Outlets In The Basement (All You Need to Know!)

The placement of outlets across your basement will also depend on its condition. Is the basement finished or unfinished? Does the basement have everything you need to turn it into a livable space?

The height of the outlets (including the number) will rely on utility-based regulations. Paying attention to the basement for the first time can be daunting, especially if you focus too much on maintenance.

With the installation of outlets, you can improve the functionality of your basement, but that requires strategic placement and planning.

How High are Outlets Should Be In A Basement?

As per the building code in the US that varies from state to state, you have to comply with the maximum and minimum outlet heights inside your home. Whether it’s the basement or the living room, the building code requires you to adhere to and follow set parameters when installing outlets.

You can also assume the same for a receptacle or GFCI outlet. The standard height of the outlets in the basement should be 15” as the National Electrical Code states. Some homeowners have varying ideas about how high the electrical outlets should be. By consensus, the ideal height is somewhere around 16” or even 18”.

As per homeowners, outlets at that height look good on walls and improve their functionality. It ensures that one doesn’t have to push their arm behind the couch to connect the charging shoe. On the other hand, an electrician might suggest going to an electrical outlet cover 18” from the receptacle box’s top.

No matter what height you choose for the electrical outlets in your basement, you will have to stick with the building code. Note that the baseboard heaters don’t fall under such compliance, and you don’t have to adhere to minimum outlet heights for them.

What Is Code For Outlets In Unfinished/Finished Basement?

The electrical and building code that affects the placement of outlets in finished/unfinished basements varies slightly from state to state. So, it’s best to seek professional help and use all the necessary tips to make the safest decisions.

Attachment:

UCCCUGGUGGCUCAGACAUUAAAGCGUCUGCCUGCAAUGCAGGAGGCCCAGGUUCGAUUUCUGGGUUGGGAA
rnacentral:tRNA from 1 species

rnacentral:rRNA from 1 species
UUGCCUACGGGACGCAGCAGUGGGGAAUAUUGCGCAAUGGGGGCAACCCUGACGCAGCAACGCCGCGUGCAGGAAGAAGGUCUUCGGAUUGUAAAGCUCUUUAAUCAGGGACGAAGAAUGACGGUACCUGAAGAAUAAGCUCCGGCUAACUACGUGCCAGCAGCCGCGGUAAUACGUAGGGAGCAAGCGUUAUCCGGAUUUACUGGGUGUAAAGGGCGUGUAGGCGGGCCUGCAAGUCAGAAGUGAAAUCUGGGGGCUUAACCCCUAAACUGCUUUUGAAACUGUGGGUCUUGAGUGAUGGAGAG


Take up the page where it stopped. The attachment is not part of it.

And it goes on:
As some electrical code tips go, you can’t keep a barrier underneath an outlet that spreads for more than 25”. That measurement is the maximum you can reach for an outlet, especially when you have a shelf or counter below it.

Also, the electrical code suggests you should wire the outlets to the ground screws properly. Grounding the outlet and the receptacle box is necessary. If you have a finished basement, consider flushing the outlet boxes to the wall.

You must prevent any unusual gaps between the receptacle/outlet boxes and the interior basement décor. Ensure you flush the outlet boxes to the walls carefully if you have insulation. Otherwise, it can be a nightmare.

Without proper flushing, the outlets might damage the insulation material, especially if it’s flammable. Besides, you may already know how quickly a fire can catch and spread to the rest of the house due to a faulty outlet if it’s not flushed and in contact with the insulation material.

While we’re discussing the need to flush the outlet boxes near insulation, make sure you check out the building codes and electrical installation guidelines for homes or commercial spaces in your region. Local building and electrical guidelines will make sure you make informed and safe decisions.